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October 1, 2010

Lexus Auto Dealer Refuses to Hire Qualified Sikh Applicant Because of His Beard, According to Federal Government Suit 

(Little Falls, N.J.) October 1, 2010 - Earlier this week, the federal Equal Employment Opportunity Commission (EEOC) filed a lawsuit against Tri-County Lexus, a large car dealership in Little Falls, N.J., for refusing to hire a qualified Sikh applicant solely because he refused to shave his beard. 
The Sikh Coalition represents the Sikh, Gurpreet S. Kherha, and filed the discrimination complaint which led to the government's lawsuit. The Coalition will continue to represent Gurpreet and will consolidate the state lawsuit filed by the Coalition in Spring 2010 with the federal lawsuit. 
The EEOC lawsuit states that Tri-County Lexus violated federal law by refusing to hire Gupreet for a sales position that he was well-qualified for because of a grooming policy that prohibits facial hair. Although Gurpreet explained that he could not shave because of his religious beliefs, the dealership informed him that if he wanted to be hired he would have to shave his beard.  Gupreet refused to sacrifice his faith, and was rejected for the sales position.
This lawsuit is one of two filed by the federal government in a single day against employers discriminating against Sikhs. This unprecedented level of support makes it clear that both the government and community based organizations such as the Sikh Coalition will hold employers accountable for discrimination against Sikhs.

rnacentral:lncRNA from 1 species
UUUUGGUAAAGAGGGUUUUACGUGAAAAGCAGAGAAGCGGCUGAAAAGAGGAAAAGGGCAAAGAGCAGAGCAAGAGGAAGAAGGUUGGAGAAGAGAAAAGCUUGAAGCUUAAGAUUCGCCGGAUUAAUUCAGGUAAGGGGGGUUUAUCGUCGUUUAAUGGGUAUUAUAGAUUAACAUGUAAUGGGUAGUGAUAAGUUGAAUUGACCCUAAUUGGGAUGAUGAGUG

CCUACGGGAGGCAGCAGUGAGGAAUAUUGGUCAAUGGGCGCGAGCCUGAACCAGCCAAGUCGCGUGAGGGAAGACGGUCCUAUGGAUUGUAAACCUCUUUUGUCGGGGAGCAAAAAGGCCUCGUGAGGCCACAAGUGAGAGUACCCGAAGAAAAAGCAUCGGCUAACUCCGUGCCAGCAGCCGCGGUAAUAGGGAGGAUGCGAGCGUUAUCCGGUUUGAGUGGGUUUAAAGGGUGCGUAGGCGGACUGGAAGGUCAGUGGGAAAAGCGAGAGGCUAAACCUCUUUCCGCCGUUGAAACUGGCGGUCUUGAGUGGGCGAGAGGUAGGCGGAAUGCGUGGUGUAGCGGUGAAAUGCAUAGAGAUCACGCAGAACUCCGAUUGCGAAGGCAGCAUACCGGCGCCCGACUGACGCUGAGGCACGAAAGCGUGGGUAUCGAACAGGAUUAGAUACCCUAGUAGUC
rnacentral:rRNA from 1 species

"We hope this suit sends a message to companies like Tri-County Lexus that the Sikh community will force them to answer for their discrimination," said Harsimran Kaur, Legal Director, Sikh Coalition. "We are ready to enforce our rights in court."
"Tri-County Lexus forced a Sikh to choose between his religion and employment," said Ravinder S. Bhalla, Esq., of Bhalla and Cho LLC, co-counsel on this case. "Now they are answering for their discrimination in court."
"Where a reasonable accommodation can be made, the law prevents an employer from requiring an employee to choose between being hired and following his or her religious practices," said Spencer H. Lewis, director of the EEOC's New York District Office. "Permitting Mr. Kherha to wear his beard because of his religious beliefs would not have been a burden on the dealership; instead, this would have given the dealership the benefit of a well qualified salesperson."
The Sikh Coalition thanks attorney Ravinder Singh Bhalla, an experienced New Jersey litigator, for his partnership in this case.
Case Timeline:

  • Spring 2008: Coalition contacted by Gurpreet Singh 
  • Winter 2008: Coalition attorneys file complaint with EEOC;
  • Winter 2008 - Spring 2010: EEOC conducted investigation and found that Tri-County Lexus violated federal law;
  • Spring 2010: Coalition filed lawsuit in state court in order to protect client's rights as per state law; 
  • Fall 2010: EEOC filed a lawsuit against Tri-County Lexus and released a Media Advisory
Protect Yourself from Religious Discrimination in the Workplace
As always, the Coalition calls on all Sikhs to stand up for their rights and fearlessly maintain their articles of faith.
Information explaining your rights in the workplace:

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